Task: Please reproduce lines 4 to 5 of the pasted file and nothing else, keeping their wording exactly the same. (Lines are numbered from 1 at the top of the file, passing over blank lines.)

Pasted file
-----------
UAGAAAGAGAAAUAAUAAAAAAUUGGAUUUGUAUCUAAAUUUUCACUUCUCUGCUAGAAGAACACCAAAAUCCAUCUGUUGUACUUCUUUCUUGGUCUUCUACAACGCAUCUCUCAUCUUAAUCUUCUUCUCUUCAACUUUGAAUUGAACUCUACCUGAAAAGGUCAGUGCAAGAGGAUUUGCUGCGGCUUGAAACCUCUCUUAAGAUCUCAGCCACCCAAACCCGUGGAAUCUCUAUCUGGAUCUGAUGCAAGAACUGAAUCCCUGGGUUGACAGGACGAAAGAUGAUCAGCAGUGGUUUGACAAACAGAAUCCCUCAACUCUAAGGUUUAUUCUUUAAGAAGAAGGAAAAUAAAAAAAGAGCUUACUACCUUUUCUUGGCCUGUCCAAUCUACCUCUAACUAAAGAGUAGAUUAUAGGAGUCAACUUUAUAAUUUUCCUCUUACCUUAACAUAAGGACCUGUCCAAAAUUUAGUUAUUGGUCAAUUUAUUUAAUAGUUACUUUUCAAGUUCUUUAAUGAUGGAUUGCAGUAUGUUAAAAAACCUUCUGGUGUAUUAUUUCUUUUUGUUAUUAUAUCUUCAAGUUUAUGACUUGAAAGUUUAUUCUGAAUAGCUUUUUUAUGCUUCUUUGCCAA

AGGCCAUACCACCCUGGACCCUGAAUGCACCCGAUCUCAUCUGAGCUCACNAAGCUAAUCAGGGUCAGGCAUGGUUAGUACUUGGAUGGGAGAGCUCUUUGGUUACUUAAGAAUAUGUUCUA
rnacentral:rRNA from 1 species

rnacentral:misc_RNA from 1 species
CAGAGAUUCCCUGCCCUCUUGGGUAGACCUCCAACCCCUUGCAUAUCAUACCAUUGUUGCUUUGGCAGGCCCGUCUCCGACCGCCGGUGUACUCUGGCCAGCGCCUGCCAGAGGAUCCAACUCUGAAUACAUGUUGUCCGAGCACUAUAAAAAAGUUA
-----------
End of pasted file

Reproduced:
rnacentral:misc_RNA from 1 species
CAGAGAUUCCCUGCCCUCUUGGGUAGACCUCCAACCCCUUGCAUAUCAUACCAUUGUUGCUUUGGCAGGCCCGUCUCCGACCGCCGGUGUACUCUGGCCAGCGCCUGCCAGAGGAUCCAACUCUGAAUACAUGUUGUCCGAGCACUAUAAAAAAGUUA